She had a little bit of knowledge about Fall City history and a little experience editing and proofreading books as she had worked on the fourth-edition revision of “Fall City The Valley of The Moon” in 2004.

Together, and with endless support from Jack’s wife Judy, the pair began the tedious job of editing Jack’s writing, checking facts, finding photographs and learning more from fellow Fall City residents. People dug through old trunks to find pictures and information for them, Pickering said.

To make it more manageable, they separated the book into three volumes. Then, the three of them met at least once a week to put their ideas together.

“Part of what made it interesting and bearable, we were always moving to new chapters,” Pickering said. “It gave us milestones.”

The trio’s research even prompted the start of the Fall City Historical Society in the fall of 2006. The historical society is just getting into gear now, but already has six members and a brochure to encourage membership, Pickering said. So far, the organization is working to develop a good system of recording, cataloging and archiving donated materials.

The highlight of the experience for the Kelleys was when Pickering came to the doorstep and asked to help with the book, Judy said.

“And reconnecting with people he hadn’t seen in a while,” she added.

For Pickering, there were two highlights. The first was discovering the Fall City Cemetery and its history. The second was when they took the book, only one-third finished, to a showing – sponsored by Fall City Arts – at the Masonic Hall in Fall City in June of 2005 where people could stop in and look at the first chapters.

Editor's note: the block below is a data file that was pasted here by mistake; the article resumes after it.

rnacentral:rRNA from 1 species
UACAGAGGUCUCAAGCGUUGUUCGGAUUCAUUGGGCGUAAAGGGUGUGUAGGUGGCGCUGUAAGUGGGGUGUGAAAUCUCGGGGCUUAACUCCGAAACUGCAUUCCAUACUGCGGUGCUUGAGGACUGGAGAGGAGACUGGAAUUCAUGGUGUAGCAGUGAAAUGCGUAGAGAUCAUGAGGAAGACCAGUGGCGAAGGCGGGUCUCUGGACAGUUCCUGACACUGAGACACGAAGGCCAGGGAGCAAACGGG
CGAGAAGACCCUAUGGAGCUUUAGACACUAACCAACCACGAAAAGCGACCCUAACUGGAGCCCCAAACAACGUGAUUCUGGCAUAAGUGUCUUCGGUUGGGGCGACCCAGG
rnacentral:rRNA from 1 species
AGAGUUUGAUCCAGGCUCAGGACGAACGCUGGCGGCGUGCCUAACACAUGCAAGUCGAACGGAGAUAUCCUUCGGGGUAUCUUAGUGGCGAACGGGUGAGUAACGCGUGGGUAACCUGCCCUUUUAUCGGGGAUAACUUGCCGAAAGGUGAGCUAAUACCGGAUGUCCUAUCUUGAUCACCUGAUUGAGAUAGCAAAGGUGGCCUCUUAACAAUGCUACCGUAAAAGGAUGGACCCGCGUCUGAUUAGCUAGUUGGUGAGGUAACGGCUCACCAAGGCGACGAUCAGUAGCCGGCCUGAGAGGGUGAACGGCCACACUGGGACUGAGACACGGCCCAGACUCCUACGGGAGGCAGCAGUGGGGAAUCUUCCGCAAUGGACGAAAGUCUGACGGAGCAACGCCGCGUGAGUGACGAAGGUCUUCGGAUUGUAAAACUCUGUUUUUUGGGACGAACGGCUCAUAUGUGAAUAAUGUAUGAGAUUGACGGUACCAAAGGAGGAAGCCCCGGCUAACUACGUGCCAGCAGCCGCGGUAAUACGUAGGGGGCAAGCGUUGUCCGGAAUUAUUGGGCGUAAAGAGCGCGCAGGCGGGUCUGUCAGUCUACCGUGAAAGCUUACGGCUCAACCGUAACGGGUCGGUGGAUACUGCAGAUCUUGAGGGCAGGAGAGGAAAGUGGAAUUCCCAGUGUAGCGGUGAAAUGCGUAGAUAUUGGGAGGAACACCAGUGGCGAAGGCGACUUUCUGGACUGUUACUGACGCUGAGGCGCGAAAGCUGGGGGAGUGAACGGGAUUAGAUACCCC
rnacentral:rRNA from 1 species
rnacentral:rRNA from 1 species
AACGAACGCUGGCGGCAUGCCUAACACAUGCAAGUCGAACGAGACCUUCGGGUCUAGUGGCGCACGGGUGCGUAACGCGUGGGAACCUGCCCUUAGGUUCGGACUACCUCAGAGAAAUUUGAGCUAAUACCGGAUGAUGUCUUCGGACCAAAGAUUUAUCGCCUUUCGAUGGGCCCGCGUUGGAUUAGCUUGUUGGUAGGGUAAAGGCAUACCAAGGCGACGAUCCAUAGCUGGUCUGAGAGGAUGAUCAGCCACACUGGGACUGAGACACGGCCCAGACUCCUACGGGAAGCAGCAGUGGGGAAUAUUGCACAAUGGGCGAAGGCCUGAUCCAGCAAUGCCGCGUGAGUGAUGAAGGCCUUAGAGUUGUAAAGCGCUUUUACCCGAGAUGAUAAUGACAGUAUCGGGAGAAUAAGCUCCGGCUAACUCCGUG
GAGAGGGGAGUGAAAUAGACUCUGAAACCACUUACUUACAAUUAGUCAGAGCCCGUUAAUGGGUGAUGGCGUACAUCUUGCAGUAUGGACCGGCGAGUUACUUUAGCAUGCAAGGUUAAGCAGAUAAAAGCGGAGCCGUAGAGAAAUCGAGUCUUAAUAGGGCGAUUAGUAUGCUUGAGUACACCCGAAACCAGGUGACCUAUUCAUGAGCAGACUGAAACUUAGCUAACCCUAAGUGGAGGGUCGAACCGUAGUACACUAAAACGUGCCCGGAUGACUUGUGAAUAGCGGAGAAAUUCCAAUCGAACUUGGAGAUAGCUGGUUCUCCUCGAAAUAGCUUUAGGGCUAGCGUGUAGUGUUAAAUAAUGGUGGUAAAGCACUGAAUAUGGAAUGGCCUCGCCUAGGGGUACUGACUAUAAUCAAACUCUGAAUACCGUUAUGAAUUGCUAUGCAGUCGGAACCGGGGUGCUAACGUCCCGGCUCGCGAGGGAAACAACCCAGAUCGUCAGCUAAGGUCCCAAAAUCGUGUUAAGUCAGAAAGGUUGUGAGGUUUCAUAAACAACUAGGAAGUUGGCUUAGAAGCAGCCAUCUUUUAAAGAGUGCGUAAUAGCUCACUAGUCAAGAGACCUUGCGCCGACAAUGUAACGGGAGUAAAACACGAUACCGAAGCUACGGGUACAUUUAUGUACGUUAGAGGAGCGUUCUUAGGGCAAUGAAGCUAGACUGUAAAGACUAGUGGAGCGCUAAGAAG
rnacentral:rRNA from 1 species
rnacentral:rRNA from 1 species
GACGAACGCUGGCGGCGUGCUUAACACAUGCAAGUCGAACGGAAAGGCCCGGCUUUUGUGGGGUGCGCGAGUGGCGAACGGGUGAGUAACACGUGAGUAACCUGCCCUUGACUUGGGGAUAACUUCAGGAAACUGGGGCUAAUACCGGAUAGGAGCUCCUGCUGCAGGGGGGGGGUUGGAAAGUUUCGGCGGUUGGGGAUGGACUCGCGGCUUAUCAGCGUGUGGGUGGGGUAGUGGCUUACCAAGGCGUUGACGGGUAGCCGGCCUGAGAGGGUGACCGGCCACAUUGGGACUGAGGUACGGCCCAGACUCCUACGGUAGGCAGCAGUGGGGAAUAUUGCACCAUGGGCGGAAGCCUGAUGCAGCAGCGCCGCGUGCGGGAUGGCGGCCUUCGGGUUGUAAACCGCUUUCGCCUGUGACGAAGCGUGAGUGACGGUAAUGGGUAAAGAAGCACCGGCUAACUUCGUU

“People were so excited about what the book was going to be like,” Pickering said.

When people realized the preview copy was only one-third of what the total product would be, “eyes widened,” she said.

Because of its size and content, it took a communitywide effort to cover the cost of publication. Many people made contributions, including Smith Brown Sterling Law Offices, Snoqualmie Valley Animal Hospital, Hot Off The Press, David Speikers, Steve Cato, Craig and Noma Edwards, Greg and Sabra Fawcett, Gordon Construction, Maggie and Phil Grate, Doug and Margie Burbridge, Gerry and Betty Ostrom, Roberta Yoshimura, Anne and Art Loring, Donna Driver-Kummen, Jon Kummen and a $200 matching grant from Snoqualmie Valley Historical Museum.

Even though the book was just finished, PIckering and Jack have sold more than 150 advance orders. These will receive a thank-you note, a purchase number indicating how many others had purchased the book first and a signature from Jack. Now that it is finished, it will go on sale Dec. 2 at the Fall City Holiday Market at Chief Kanim Middle School at 32627 S.E. Redmond-Fall City Road from 10 a.m. to 4 p.m. After Dec. 2, it will be sold at The River’s Edge at 33631 S.E. Redmond-Fall City Road in Fall City. The cost is $60 per copy. All proceeds from sales from the first printing of the book will be divided between the Fall City Community Association and Snoqualmie Valley Historical Museum.